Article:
Numis Securities has added its voice to those flagging up a potential buying opportunity in Nick Train's out-of-favour Finsbury Growth & Income (FGT). Shares in the GBP2bn UK equity income trust - the largest in its sector - have traded on a narrow discount since May and currently stand just over 4% below net asset value (NAV), a level the broker's analysts consider attractive. Before the pandemic last year, Finsbury shares typically stood at a small premium to NAV, reflecting the many years of strong performance Train had generated since taking on the trust in 2000.
However, as yesterday's half-year results from the Lindsell Train (LTI) trust highlighted, the market turmoil unleashed by the pandemic has been unkind to Train's buy-and-hold strategy focused on strong consumer brands such as Unilever, Heineken and London Stock Exchange. Although performance has not been disastrous, the 11.6% growth in NAV this year lags the 17.4% advance in the FTSE All-Share and the 18% average of rival UK equity income trusts. Last year, while not capturing the market's tech rally after the pandemic crash, the trust did at least hold up better than its peers with a 2% drop in NAV versus the sector's average 8% decline, according to Morningstar.
Train's problem this year has been investors switching to trusts with a value approach that have benefited from the sharp recovery in cyclical banking, industrial and retail stocks. With its shares slipping below NAV, shareholders have seen a total return including dividends of just 6% this year. The decline in relative performance has sapped its longer-term returns and knocked the trust off the top of the AIC UK Equity Income sector where Law Debenture Corporation (LWDB), Dunedin Income Growth (DIG) and Merchants (MRCH) have overtaken it over five years.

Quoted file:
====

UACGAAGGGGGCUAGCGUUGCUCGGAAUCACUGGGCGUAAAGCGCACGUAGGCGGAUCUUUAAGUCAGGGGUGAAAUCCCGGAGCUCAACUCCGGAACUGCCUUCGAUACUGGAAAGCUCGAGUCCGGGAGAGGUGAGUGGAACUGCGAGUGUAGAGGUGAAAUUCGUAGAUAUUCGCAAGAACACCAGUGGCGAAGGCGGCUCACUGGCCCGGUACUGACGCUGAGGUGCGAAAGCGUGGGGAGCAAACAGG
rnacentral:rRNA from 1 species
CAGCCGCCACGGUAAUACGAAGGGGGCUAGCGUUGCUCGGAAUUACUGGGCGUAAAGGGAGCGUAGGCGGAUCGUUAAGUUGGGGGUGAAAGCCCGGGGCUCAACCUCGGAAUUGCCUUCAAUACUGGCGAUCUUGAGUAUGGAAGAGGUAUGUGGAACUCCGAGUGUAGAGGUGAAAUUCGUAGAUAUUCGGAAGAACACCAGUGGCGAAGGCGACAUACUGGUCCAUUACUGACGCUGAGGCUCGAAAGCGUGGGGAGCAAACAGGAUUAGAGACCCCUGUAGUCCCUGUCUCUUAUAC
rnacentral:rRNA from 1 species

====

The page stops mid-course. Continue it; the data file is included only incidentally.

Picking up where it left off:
But with the trust's 10-year 249% record still well ahead of most rivals and the All-Share index, Numis is backing Finsbury Growth to recover. 'The fund has an exceptional long-term track record and is amongst the best-performing UK equity income investment companies over the last 10 years, despite facing recent headwinds to performance.' It added: 'We do not believe investors should be overly concerned with a short period of relative underperformance and note that often the best time to buy a manager is when their style/approach is out of favour.
'Furthermore, the share price downside should be limited by share buybacks,' Numis said. Mick Milligan of wealth manager Killik & Co agreed. Last month, he said Finsbury Growth's derating may have been justified by concerns of a rotation away from Train's 30-strong collection of quality growth stocks to formerly out-of-favour value stocks, as growth stocks tend to struggle in a period of rising interest rates.
'It is fair to say that the FGT NAV may not keep pace with the market against a backdrop of steeply increasing rates.
However, there is no certainty that rates will continue to rise in this manner.
'For those wishing to take a long-term view and add some FGT to their portfolio, at least they can expect ongoing support from the board to buy back stock around current levels and helps to ensure the discount does not drive much wider than 5%,' he added.